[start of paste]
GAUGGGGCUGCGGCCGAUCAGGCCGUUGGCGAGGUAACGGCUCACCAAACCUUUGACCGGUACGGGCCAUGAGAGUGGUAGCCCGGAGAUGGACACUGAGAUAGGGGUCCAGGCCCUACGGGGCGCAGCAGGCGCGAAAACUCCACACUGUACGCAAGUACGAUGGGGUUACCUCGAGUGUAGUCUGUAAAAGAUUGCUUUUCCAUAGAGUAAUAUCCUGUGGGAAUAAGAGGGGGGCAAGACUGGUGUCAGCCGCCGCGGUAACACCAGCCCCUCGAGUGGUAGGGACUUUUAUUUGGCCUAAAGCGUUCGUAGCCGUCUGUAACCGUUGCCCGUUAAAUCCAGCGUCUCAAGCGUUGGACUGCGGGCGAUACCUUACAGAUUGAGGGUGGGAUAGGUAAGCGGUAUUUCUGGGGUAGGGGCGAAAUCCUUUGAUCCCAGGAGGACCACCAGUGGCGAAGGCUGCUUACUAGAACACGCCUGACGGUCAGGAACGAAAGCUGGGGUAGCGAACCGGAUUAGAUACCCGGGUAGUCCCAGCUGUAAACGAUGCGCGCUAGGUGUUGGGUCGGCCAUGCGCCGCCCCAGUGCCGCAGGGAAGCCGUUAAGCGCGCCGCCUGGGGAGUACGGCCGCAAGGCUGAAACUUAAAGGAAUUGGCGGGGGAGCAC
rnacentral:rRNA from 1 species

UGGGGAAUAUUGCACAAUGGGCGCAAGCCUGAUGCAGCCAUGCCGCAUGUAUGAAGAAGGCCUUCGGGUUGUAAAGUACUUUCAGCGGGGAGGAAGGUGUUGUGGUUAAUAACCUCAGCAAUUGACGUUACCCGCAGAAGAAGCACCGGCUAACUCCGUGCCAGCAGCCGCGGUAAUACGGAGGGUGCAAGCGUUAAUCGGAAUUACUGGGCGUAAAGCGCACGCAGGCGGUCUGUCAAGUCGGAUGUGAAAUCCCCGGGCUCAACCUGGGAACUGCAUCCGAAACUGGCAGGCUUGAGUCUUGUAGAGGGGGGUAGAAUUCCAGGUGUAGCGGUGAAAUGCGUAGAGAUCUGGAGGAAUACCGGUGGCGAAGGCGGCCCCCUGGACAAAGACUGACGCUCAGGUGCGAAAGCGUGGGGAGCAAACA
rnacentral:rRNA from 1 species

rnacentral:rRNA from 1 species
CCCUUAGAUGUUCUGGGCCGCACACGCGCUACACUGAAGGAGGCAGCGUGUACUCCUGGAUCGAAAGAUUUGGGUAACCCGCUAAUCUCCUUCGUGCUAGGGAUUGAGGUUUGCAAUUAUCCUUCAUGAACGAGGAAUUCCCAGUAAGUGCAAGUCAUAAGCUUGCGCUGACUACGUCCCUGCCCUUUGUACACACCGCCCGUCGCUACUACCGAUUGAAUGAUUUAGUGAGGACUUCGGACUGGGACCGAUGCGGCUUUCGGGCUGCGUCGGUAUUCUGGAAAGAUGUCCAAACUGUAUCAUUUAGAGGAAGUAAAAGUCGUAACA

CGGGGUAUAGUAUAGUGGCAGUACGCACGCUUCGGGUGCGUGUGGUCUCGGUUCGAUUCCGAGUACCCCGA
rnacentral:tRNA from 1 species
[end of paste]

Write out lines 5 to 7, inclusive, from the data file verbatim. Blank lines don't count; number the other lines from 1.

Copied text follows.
rnacentral:rRNA from 1 species
CCCUUAGAUGUUCUGGGCCGCACACGCGCUACACUGAAGGAGGCAGCGUGUACUCCUGGAUCGAAAGAUUUGGGUAACCCGCUAAUCUCCUUCGUGCUAGGGAUUGAGGUUUGCAAUUAUCCUUCAUGAACGAGGAAUUCCCAGUAAGUGCAAGUCAUAAGCUUGCGCUGACUACGUCCCUGCCCUUUGUACACACCGCCCGUCGCUACUACCGAUUGAAUGAUUUAGUGAGGACUUCGGACUGGGACCGAUGCGGCUUUCGGGCUGCGUCGGUAUUCUGGAAAGAUGUCCAAACUGUAUCAUUUAGAGGAAGUAAAAGUCGUAACA

CGGGGUAUAGUAUAGUGGCAGUACGCACGCUUCGGGUGCGUGUGGUCUCGGUUCGAUUCCGAGUACCCCGA